Getting space from London: what we learned on our week away

11 min read

Georgia Iacovou

19 Jul 2019

We are having a growth spurt, and on the other side is Metomic 2.0

The last few months at Metomic have been extremely exciting. Following our launch on Product Hunt we’ve realised we have a product which companies love and so it was time to take Metomic to the next level — Metomic 2.0.

So this week we’ve taken the time to figure out what Metomic 2.0 is going to look like. By the time it gets to Monday, we will hit the ground running. These are the questions we’re answering:

🔍 Who are we?

🏗 What are we building next?

🗺 Where are we going?

Day 1: core values

Jeff Goldblum picks up the phone in the middle of Annie Hall, “I forgot my mantra” he says. This three second cameo of Jeff Goldlbum in an old film represents exactly where we never want to be as a company:

  1. An inconsequential blip in an important narrative
  2. Someone who has lost sight of their core values

So, what are we doing about this? Well, at the time of writing, we are sitting in the middle of Lisbon, and we’ve just done a big round of brainstorming. Rich and Ben facilitated this by getting us to sit down, and each write three things we value about every member of the team. These things were qualities or traits that you might recognise in other team members, which you respect.

Photo of Metomic team brainstorming

Then we each read out what everyone wrote about us. An interesting experience; lined with awkwardness but ultimately an exercise in positive reinforcement. We found patterns in what we wrote and bunched the post-its together in groups. These groups then formed the basis for identifying our company values.

Photo of sticky notes used in brainstorming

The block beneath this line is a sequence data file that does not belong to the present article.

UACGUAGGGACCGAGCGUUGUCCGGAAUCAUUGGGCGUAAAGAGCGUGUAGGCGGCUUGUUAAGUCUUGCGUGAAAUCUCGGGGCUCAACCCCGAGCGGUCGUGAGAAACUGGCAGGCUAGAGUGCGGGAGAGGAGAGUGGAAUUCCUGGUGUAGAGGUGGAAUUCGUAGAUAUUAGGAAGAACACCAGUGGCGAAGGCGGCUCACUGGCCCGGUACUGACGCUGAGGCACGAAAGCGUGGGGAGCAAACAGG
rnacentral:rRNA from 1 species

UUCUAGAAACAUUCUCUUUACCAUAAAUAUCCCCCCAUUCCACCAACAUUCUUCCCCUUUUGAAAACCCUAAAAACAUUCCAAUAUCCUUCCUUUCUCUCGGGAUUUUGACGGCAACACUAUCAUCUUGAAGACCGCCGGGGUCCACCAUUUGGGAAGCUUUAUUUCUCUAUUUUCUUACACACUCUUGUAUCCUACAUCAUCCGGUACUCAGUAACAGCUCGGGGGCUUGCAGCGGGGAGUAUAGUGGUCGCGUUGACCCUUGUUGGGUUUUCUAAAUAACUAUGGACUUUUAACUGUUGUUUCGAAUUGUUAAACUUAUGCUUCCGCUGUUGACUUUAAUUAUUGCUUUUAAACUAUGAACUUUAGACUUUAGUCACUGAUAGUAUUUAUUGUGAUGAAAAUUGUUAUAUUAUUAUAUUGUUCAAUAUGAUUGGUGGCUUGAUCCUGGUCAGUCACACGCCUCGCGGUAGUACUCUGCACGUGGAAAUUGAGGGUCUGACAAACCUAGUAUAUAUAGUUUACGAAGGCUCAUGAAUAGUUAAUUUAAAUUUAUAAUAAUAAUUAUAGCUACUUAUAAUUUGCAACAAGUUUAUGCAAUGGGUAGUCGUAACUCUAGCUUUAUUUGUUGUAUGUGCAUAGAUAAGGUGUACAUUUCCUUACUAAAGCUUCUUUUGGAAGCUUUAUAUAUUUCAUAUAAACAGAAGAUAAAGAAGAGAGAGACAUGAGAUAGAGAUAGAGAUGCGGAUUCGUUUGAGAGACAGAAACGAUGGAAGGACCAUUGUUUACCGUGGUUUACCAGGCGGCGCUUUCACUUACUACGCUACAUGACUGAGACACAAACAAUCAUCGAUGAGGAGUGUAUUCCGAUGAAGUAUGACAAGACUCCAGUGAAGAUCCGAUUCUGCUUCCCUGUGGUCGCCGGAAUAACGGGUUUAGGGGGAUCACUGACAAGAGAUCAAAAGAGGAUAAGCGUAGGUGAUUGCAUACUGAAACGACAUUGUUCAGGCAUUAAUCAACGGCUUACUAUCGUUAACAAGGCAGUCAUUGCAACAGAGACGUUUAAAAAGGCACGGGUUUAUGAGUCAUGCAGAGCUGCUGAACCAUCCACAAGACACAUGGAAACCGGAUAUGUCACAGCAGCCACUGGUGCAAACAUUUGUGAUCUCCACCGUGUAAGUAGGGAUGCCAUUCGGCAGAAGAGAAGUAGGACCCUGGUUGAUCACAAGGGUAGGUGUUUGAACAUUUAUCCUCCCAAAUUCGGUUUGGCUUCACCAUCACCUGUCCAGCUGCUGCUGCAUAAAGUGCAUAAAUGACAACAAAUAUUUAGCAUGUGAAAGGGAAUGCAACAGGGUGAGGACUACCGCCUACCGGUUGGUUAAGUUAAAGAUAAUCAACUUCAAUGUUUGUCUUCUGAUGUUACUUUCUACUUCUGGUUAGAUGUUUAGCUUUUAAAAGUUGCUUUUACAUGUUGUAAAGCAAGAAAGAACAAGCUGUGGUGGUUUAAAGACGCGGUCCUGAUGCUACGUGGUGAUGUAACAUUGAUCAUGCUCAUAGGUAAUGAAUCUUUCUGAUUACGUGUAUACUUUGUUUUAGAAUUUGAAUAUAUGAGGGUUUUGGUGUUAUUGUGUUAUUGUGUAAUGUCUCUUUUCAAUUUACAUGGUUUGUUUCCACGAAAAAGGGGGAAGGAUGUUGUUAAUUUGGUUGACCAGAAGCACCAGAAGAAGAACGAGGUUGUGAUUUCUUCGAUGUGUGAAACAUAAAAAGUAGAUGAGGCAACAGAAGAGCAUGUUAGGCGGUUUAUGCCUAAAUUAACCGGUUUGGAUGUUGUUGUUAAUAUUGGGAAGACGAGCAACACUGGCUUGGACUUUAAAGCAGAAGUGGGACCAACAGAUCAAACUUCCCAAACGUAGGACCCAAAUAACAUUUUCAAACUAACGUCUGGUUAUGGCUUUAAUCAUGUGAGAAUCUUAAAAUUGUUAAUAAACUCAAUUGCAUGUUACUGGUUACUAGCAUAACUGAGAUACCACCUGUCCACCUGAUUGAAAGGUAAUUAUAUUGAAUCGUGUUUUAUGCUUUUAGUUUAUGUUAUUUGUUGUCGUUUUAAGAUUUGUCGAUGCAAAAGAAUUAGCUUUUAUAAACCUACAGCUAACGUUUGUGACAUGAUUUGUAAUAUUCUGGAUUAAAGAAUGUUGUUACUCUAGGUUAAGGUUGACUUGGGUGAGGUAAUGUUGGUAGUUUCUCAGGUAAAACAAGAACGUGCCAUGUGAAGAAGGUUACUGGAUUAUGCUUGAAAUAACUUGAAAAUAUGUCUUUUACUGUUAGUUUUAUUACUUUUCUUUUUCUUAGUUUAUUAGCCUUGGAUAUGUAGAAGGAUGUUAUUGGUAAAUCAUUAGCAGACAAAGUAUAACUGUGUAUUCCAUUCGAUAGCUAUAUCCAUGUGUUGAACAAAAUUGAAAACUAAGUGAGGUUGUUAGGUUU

Just by grouping them like this, the company values essentially presented themselves to us. We visited each group of post-its and gave them names as Ben scribbled these out on larger green pieces. The names may not be perfect right now but they make sense to us.

This exercise worked because it was intuitive: we just looked at things that we saw in each other, found patterns, and established some values. It made a daunting task very easy. One of the first things that quickly came out was being excellent to each other. We recognised that we are approachable, warm and friendly. That’s important so let’s keep it — other values lose all meaning if you can’t even maintain this.

Another one that surfaced quickly was that we are always learning. People in this team don’t sit with complacency; they improve and learn new things. This ties in very nicely with both collaboration (working together helps us grow) and divergent thinking, which is something that Metomic literally wouldn’t be here without. Metomic started because someone asked, “why is the internet like this?” Questioning things drives us forward. And this, weirdly, got us to conviction. Be sure of yourself, and fight your corner if someone disagrees. But don’t be afraid to change your mind. As the saying goes, “firm beliefs, loosely held”.

Metomic started because someone asked, "why is the internet like this?"

Richard had been on a call for this part of the exercise. When he walked in he was impressed with what we’d come up with but very aptly pointed out that this is all stuff that we already do. What about stuff that we want to be doing but don’t do yet? This sparked a delightful Metomical discussion, and my personal favourite: 95% moves the needle was born.

The name of it needs work for obvious reasons, because what on earth does it even mean? It grew from discussions surrounding keeping your eye on the prize (having foresight of our long term goals as a company) and putting the pedal to the floor (focussed execution in the short term). We realised that all of us are guilty of unnecessary and ineffective perfectionism: I can’t publish this, it’s not quite right yet. This isn’t ready to deploy, needs more tweaks. This other thing is not quite 100% there. Etc.